No one does that either. Ever.

    Calling google a monopolist in the free video sharing platform space and getting angry when they change the way they want to handle your content is like getting angry at McDonald's because they won't serve you a decent steak, then screaming about how they have a monopoly on the only kind of food that's convenient for you to eat, and by the way, if you disagree with me, your ethics are suspect.

    Go to a grocery store, you whiny brat. Try paying for shit every once in a while. I just checked in with my ethics. They are doing fine in the dungeon I keep them in. Quite healthy considering that I feed them almost nothing.



  • @glathull said:

    When was the last time you thought to yourself, "Hmmm. I'm kind of bored right now. I have no idea what to do. I know! I'll go to YouTube and just randomly search for stuff in a desperate attempt to fill this empty hole that some people call a soul! Yes! That's exactly what I need to do!"?

    No one does that either. Ever.

    Okay, now you're just delusional. Or trolling. Both possibilities make continuing this discussion entirely fucking pointless.

    I think even @ben_lubar would call you a fucking Google apologist at this point.



  • @glathull said:

    When was the last time you thought to yourself, "Hmmm. I'm kind of bored right now. I have no idea what to do. I know! I'll go to YouTube and just randomly search for stuff in a desperate attempt to fill this empty hole that some people call a soul! Yes! That's exactly what I need to do!"?

    No one does that either. Ever.

    You really don't think millions of people dick around on YouTube every day for entertainment?



  • I'm doing it right now! 1 down, 999999n to go!



  • Stop filling your empty hole!



  • @Maciejasjmj said:

    They're punishing people who don't sign pretty much all the rights out to YouTube by taking down their content, without any way to simply opt out and keep your videos on an allegedly free video hosting site.

    No they are not. The artist is still free to put all his/her content up on youtube for free. Nothing have changed there.

    What Google is changing is what happens for artists who want to be paid each time their content is shown on Youtube.

    They can now only be paid if they sign up for googles music service.



  • Yes. Of course people go around wasting tons of time on YouTube with no particular point. I didn't say that they don't.

    I said that people don't start with a blank youtube page and just search for random stuff. The entry point for every youtube session is always a link to something from an external source. You might spend a lot of time on the "related" stuff, and you might think, "Oh that's funny/awesome!" and then you think it's a good idea to search for retarded midget porn.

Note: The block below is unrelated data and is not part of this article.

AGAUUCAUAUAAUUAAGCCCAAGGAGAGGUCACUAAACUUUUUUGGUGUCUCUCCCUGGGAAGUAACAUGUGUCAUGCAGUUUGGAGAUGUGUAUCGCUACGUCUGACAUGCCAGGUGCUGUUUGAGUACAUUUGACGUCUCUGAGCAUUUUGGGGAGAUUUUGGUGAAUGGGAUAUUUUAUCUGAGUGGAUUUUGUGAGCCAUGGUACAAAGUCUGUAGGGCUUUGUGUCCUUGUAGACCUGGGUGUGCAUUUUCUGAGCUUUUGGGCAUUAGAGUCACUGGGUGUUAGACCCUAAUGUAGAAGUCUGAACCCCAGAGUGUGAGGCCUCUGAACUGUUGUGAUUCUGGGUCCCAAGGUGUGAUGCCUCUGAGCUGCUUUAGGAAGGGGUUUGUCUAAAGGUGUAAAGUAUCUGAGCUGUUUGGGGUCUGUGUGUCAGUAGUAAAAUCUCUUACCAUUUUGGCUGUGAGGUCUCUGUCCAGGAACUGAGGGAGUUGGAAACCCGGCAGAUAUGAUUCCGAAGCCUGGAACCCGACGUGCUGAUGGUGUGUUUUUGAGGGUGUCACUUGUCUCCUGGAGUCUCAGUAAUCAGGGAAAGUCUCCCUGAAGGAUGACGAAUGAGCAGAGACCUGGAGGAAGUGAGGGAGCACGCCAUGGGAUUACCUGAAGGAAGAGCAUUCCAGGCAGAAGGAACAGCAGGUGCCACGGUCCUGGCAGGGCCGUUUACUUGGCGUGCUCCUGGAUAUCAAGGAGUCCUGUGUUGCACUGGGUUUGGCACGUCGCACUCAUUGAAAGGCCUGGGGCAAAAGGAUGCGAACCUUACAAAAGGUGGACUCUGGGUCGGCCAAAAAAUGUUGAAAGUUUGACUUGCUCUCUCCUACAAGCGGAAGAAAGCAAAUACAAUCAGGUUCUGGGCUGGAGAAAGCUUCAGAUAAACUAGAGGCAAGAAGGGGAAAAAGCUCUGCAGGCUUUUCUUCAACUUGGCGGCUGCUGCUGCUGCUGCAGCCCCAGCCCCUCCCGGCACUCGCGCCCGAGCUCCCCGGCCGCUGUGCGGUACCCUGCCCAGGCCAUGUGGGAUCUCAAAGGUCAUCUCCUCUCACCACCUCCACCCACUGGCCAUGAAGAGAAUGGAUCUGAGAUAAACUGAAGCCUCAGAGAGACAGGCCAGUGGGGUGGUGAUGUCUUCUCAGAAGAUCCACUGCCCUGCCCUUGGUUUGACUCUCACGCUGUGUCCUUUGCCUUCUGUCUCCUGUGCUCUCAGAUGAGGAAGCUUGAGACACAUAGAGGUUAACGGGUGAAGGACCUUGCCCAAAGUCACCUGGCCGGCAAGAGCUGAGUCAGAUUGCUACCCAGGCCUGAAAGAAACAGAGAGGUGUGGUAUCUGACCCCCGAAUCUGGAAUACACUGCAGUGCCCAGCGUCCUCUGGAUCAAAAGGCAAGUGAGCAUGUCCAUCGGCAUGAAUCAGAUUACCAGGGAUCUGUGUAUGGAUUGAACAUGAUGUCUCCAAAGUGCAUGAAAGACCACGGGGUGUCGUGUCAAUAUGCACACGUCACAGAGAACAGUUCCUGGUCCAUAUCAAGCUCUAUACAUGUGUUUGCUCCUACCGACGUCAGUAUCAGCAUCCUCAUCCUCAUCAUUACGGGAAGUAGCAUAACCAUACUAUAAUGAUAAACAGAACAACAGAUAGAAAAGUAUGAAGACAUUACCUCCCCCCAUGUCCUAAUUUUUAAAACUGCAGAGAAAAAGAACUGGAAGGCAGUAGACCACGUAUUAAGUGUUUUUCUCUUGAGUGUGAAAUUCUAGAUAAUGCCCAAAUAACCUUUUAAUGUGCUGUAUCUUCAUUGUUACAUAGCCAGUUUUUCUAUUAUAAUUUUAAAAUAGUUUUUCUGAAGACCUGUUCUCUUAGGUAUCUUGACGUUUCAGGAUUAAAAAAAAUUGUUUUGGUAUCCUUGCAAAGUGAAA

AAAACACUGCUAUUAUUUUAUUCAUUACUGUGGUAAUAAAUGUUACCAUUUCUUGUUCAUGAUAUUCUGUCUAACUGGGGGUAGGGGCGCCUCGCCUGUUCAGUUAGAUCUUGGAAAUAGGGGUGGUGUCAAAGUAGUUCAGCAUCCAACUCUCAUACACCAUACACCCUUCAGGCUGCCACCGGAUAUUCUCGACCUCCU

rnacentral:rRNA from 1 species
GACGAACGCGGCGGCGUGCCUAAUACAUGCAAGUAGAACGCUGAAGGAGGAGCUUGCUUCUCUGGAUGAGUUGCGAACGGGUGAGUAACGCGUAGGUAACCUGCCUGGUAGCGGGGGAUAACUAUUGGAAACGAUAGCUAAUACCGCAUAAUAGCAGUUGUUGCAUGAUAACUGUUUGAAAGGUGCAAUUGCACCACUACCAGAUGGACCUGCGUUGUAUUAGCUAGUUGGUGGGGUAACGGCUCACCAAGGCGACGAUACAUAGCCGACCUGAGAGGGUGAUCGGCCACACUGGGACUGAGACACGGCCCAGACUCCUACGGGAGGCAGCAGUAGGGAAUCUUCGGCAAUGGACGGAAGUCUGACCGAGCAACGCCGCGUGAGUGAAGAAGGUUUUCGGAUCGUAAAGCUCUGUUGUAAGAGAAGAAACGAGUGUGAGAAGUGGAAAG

But my point is that no one actually goes out and searches for "attractive classical cellist" and ends up at one of ZK's videos.

    She isn't discoverable that way, and people don't discover content on youtube that way.

    On the other hand, you can Bing and decide to search for ZK or you can search for her on duckduckgo or even yahoo! and get to one of her videos faster than if you try to find her through a more generic search on youtube itself.

    If google were hiding search results and forcing you to actually be on the youtube platform to find her videos, I might have a sliver of sympathy for your monopolist argument. But that's not the case.

    There is no monopoly. What there is here is a situation where a person uses a free platform to market herself. Then she uses google's free service to monetize herself and make an admittedly small amount of money. Then google looks at the situation and says, "Hey, you've done pretty well for yourself. You've used your talent and your ingenuity and marketing abilities to get some attention. Good for you. Now you have to pay the piper for all that free shit you've used."

    It's ugly; it's bad. It's typical google in all its stupid ways. But it's not monopolistic bullshit that is being called here. Any other free video sharing service would be just as advantageous to ZK as youtube is. It's a link to a free hosting service; it's just as discoverable via search; it's just as free.

    The only possible argument for monopoly here is that no other platform could provide the relatively small amounts of money that ZK has made. A) it's a small amount of money. The damage is small, and B) By all means, sound the alarms!! Google has a monopoly on google's network of advertisers!! The horror!

    The bottom line here is that a bunch of people are all butthurt because something you thought was free turned out not to be free. I'm shocked--shocked, I tell you. Learn to pay for shit. Own your identity and your artistic work. Don't farm those things out to someone else and expect good results.



  • @glathull said:

    I said that people don't start with a blank youtube page and just search for random stuff. The entry point for every youtube session is always a link to something from an external source.

    Um....you're wrong?



  • Okay, I'm willing to entertain that. Am I wrong in a meaninglessly pedantic way because you and one other person are doing that right now so that you can say that I'm wrong? Or are you suggesting that this is a typical use-case?



  • This post is deleted!


  • And from that data you can extrapolate . . . nothing that has to do with my point.